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11 Aug, 2023/ by Homeward Legal /Buyer, First Time Buyer, Sale & Purchase

When you decide to buy a home based in a conservation area, while there are various constraints and stipulations on what you can and can't do to the external features of the property, there is a certain cachet about living within such a designated area.

The statutory definition of a conservation area is: An area of special architectural or historic interest, the character of which it is desirable to preserve or enhance.

Or, to put it another way, they are in place to manage and protect areas of particular architectural or historical interest or significance.

According to Historic England, the organisation that oversees the historical inheritance of the country, there are over 10,000 conservation areas in England, with each local authority managing at least one of them.

Typically, Historic England dictates, the types of area that might become designated as conservation areas, if not already, are:

  1. Town or village centres (particularly where it relates to an architectural style, or because of its particular history, such as being an ancient market town)
  2. Fishing and mining villages (specifically because these were historically two dominant industries)
  3. Suburbs constructed in the eighteenth, nineteenth or twentieth centuries (again for the similarity of style in the buildings' construction, or because something of import might have occurred there)
  4. Model housing estates (as the first of their kind)
  5. Country houses in their own parks (usually of both historical and architectural interest)
  6. Historic transport links and the surrounding area (which might include a canal system and its banks, railways and sidings, and certain airfields)
  7. Industrial heritage sites (the British involvement in industrial revolutions through the centuries make locations of, for example, cutlery-making or potteries of particular importance and interest)

It is predominantly the responsibility of the local authority to designate a conservation area, and then to oversee its adherence to the variety of rules. Specifically, the authority must follow the guidelines dictated by the National Planning Policy Framework, although Historic England can also designate areas under the banner, after which the local authority governs its state.

For those owning a property in a conservation area, they should be mindful of any work they want to complete. There are necessarily constrictions on certain types of activity and also planning permission required for some changes to the exterior of the property that, outside the conservation area, would not need it.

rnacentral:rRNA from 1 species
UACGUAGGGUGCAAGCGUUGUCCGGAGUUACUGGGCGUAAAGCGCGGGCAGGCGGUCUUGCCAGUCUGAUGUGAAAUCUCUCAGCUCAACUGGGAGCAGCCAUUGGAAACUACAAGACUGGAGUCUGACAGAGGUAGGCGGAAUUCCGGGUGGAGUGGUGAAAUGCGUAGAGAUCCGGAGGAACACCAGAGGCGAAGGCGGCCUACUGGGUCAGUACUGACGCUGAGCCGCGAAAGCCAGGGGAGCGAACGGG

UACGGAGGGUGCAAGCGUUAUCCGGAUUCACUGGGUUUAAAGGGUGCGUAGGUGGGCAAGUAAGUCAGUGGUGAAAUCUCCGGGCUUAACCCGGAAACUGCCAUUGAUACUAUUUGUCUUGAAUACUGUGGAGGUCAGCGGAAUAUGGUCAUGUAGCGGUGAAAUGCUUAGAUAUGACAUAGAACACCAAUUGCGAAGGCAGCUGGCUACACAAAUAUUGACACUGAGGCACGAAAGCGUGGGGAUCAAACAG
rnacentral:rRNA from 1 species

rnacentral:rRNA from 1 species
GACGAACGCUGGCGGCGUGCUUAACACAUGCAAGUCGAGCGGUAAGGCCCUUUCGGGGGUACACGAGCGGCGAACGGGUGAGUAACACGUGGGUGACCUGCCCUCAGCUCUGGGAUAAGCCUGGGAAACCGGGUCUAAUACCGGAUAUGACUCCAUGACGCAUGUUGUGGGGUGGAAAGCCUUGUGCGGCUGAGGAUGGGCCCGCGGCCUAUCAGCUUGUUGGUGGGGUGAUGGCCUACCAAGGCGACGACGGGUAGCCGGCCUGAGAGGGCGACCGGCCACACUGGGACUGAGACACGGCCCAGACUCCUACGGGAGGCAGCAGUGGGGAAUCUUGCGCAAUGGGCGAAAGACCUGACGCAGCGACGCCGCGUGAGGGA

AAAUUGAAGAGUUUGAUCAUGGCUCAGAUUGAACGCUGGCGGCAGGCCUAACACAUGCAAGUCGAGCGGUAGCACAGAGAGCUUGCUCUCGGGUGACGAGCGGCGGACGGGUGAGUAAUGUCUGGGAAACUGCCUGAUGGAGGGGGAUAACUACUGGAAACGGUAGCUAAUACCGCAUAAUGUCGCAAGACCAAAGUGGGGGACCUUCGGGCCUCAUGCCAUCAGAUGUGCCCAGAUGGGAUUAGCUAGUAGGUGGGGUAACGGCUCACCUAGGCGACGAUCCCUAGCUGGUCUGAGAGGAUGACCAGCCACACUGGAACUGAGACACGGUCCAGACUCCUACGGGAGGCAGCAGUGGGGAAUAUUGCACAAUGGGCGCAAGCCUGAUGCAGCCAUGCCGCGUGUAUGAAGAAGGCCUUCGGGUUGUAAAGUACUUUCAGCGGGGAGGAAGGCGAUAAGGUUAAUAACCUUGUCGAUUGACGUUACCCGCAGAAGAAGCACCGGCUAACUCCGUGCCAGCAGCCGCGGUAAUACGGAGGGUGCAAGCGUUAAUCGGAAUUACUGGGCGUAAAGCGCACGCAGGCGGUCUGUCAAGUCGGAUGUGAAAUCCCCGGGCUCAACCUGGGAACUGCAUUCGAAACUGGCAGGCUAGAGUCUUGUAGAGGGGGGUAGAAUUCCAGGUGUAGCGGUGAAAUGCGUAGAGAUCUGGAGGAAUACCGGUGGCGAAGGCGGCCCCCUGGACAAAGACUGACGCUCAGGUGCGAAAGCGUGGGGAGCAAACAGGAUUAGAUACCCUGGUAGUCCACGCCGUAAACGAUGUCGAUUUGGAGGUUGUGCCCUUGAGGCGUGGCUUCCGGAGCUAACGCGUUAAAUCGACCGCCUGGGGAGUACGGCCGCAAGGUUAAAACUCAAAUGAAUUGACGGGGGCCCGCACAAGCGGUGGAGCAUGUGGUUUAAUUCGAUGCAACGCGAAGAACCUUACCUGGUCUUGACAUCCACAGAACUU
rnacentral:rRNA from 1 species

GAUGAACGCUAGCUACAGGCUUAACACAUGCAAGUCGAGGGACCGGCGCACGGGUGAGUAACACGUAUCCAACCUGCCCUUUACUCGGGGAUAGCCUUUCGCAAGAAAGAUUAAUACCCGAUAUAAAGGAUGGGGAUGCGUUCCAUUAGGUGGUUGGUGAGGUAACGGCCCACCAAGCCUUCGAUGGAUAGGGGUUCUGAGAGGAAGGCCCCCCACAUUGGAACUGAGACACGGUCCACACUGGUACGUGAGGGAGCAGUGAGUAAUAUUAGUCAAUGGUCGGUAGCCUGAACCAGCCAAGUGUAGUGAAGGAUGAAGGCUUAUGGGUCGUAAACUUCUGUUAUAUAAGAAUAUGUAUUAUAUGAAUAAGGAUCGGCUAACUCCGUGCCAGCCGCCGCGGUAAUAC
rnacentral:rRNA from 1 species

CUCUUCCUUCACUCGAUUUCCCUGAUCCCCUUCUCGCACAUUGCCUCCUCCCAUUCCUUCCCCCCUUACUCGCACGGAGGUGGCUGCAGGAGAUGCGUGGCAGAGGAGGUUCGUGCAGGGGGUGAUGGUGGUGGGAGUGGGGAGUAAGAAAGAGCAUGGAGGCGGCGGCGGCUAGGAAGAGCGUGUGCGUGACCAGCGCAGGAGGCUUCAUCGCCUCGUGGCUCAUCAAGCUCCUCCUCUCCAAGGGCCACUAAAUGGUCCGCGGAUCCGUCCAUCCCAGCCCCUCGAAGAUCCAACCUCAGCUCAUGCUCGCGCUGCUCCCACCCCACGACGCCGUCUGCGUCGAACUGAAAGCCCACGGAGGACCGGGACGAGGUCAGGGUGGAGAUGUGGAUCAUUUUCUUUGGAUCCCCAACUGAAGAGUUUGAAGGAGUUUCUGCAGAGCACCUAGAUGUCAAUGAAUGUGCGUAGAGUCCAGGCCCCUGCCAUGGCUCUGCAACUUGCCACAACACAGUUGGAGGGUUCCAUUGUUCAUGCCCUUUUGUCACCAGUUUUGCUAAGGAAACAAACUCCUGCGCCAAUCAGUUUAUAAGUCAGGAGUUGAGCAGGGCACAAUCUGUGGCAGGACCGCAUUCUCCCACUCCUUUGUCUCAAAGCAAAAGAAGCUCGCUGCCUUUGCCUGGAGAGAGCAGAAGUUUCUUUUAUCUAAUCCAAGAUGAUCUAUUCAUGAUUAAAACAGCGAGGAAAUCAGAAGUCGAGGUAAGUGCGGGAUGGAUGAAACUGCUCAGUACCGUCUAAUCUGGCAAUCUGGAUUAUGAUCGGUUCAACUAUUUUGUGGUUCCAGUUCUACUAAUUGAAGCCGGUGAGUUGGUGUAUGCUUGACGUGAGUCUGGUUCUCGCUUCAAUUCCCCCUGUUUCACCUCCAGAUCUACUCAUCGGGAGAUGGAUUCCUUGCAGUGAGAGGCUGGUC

Under the auspices of permitted development, the rights are slightly different, too, which means that two-storey extensions, changes to the style of windows (e.g. removing sash windows or creating a dormer) and installation of stone cladding or similar will require planning permission, as would an application for change of use.

When it comes to what is included for the unwary new owner, the general rule of thumb is to question any changes being considered to the external parts of the property and whether a petition of planning permission needs to be lodged with the local authority. If you're unsure, your council will be able to answer any questions you might have - or they might even have the necessary information on their website.

In the garden, any tree other than very small ones will be subject to a Tree Preservation Order (TPO), which means that anything you intend to do with it - even lopping off branches, or pruning it - will need six weeks' notice lodged with the council before work is planned to start. If you go ahead and authorisation is not received, you will be liable for the cost of the tree's reinstatement. Bear in mind that this is likely to be the case with overhanging branches from a neighbour's property, too.

In summary, as far as the building itself is concerned, you will require planning permission for any replacement doors and windows (to ensure conformance with the conservation theme), changes to gutters and downpipes (particularly a change of colour), installation of extra furniture such as a satellite dish, etc., and any plans to paint the brickwork in any colour (if none currently exists, or a different colour if it does).

All of this probably sounds a bit daunting, but you shouldn't be put off. A qualified conveyancing solicitor who knows the area well is what you want to ensure that everything that needs to be understood about a property you want to buy in a conservation area is clearly identified.

And you want a conveyancing solicitor who is high quality but low cost.

And that's where Homeward Legal comes in! 

Homeward Legal will provide a quote that will not change - what you are quoted is what you pay (there are some unforeseen items that might arise during the purchase and/or sale, such as more detailed searches, but the solicitor discusses these and their cost as they arise). 

In addition, to protect the homebuyer further, Homeward Legal operates a ‘no completion, no fee' promise, which ensures that, should the purchase or sale not go through as planned to completion status, no payment is required.

Call  to get your conveyancing quote started, or to discuss any of your concerns with your plans to move.

Or you can get a quick quote, using Homeward Legal's easy-to-use quote generator quote generator.

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